Miami-Dade Crime Stoppers head facing jail time over eating evidence in court

By Tom Boggioni
Saturday, March 15, 2014 18:51 EDT
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The executive director of the Miami-Dade Crime Stoppers program is facing up to two weeks in jail on a contempt of court charge after he stuffed a piece of paper with an anonymous tip into his mouth instead of turning it over to a judge.

NBC6 South Florida
reports that Richard Masten was appearing before Judge Victoria Brennan on Friday when the judge requested to see a printed tip related to a cocaine possession case.  The former police chief instead ripped off a piece of the paper and proceeded to eat it before tossing the rest of the paper away.

Masten had been ordered to share the tip, without the source, with the judge after an attorney for a woman charged with cocaine possession asked to see the information it contained.

Masten felt differently, claiming it would be a ‘slippery slope’ if anonymous tips were not held in confidence.

“We promise the people who give us information to solve murders, serious violent crimes in this community, that they can call with an assurance that they will remain anonymous and that nothing about them or their information would ever be compromised,” Masten explained. “The case today started creeping into that… it’s not going to happen on my watch and I understood the consequences.”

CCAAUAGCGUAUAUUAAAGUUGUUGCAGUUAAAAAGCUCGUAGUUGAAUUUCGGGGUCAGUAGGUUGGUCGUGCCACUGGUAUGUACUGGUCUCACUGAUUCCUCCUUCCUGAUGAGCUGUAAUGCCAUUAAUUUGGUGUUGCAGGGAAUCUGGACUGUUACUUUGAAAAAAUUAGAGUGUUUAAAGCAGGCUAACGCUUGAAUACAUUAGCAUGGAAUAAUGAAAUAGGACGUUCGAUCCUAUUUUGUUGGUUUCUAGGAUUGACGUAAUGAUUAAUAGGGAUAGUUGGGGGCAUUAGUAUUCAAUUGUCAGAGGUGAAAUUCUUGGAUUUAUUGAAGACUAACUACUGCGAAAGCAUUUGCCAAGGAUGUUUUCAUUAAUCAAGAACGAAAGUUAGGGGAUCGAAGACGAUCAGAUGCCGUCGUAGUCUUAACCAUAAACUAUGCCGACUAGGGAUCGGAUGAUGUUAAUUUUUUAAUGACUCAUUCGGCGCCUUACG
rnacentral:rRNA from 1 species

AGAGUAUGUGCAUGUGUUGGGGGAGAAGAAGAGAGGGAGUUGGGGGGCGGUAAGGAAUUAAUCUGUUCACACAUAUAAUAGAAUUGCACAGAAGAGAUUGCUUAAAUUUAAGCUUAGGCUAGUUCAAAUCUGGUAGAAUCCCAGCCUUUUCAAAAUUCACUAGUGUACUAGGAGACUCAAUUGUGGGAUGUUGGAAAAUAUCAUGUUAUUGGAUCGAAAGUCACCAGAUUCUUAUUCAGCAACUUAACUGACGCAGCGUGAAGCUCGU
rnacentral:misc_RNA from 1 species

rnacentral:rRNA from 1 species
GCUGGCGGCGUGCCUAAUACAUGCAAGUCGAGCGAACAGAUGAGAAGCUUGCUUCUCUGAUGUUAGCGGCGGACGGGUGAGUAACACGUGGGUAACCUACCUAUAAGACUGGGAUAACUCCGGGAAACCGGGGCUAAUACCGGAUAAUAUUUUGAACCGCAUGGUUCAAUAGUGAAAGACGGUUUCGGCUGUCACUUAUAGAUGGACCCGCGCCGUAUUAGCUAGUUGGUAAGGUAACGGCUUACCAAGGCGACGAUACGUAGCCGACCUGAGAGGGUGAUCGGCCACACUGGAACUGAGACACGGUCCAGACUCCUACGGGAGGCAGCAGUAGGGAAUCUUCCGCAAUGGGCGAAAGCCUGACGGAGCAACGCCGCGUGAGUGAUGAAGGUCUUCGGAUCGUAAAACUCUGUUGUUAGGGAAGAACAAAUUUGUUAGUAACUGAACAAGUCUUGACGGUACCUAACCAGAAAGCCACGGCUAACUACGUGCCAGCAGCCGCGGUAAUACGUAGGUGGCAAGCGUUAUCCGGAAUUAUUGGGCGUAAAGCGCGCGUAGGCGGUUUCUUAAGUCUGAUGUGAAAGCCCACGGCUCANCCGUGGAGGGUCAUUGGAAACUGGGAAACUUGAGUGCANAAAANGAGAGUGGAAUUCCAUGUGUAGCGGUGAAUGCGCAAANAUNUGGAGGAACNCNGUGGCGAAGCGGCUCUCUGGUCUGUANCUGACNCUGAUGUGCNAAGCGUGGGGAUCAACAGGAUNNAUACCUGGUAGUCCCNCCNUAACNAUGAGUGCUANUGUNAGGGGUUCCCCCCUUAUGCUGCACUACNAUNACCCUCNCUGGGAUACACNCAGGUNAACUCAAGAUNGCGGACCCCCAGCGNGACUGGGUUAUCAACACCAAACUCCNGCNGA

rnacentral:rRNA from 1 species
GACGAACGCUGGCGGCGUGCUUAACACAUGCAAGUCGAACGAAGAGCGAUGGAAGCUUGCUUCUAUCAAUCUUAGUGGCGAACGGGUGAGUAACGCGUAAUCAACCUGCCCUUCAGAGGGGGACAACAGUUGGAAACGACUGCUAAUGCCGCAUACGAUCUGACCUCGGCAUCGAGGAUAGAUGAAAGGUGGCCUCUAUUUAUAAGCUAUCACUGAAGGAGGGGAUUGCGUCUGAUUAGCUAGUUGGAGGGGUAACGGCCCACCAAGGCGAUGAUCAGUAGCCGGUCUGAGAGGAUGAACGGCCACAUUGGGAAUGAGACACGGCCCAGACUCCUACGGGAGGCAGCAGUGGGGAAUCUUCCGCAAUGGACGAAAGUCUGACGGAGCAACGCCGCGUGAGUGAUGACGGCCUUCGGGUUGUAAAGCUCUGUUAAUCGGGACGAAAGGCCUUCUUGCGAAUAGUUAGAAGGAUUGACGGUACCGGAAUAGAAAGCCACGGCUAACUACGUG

Masten added, ““If you do it in this case, the question comes down the road, well you did it in that case why not this case,” he said. “Well, I’m not going to do it in this case.”

The defense attorney said that his request had nothing to do with identifying the tipster.

“In this case, there’s absolutely no information that I am looking for that has to do with the name or the identity of a tipster,” Jean-Michel D’Escoubet said. “It’s only the evidence that would be used in trial against her that the tip provided.”

Judge Victoria Brennan ruled Masten’s actions unacceptable and found him in contempt of court, writing: “The court would be remiss to turn a blind eye to a flagrant refusal to honor a court order, and give more value to an individual’s opinion on what is right, rather than to the dictates of the laws enacted by the people of Florida.”

Leaving the courthouse Masten, facing a two-week incarceration, told reporters that he would appear in court next week and would bring his toothbrush and pajamas in case the judge sent him off to jail.

Watch the video below from NBC6 South Florida:

Tom Boggioni
Tom Boggioni
Tom Boggioni is based in the quaint seaside community of Pacific Beach in less quaint San Diego. He writes about politics, media, culture, and other annoyances. Mostly he spends his days at the beach gazing at the horizon waiting for the end of the world, or the sun to go down. Whichever comes first.
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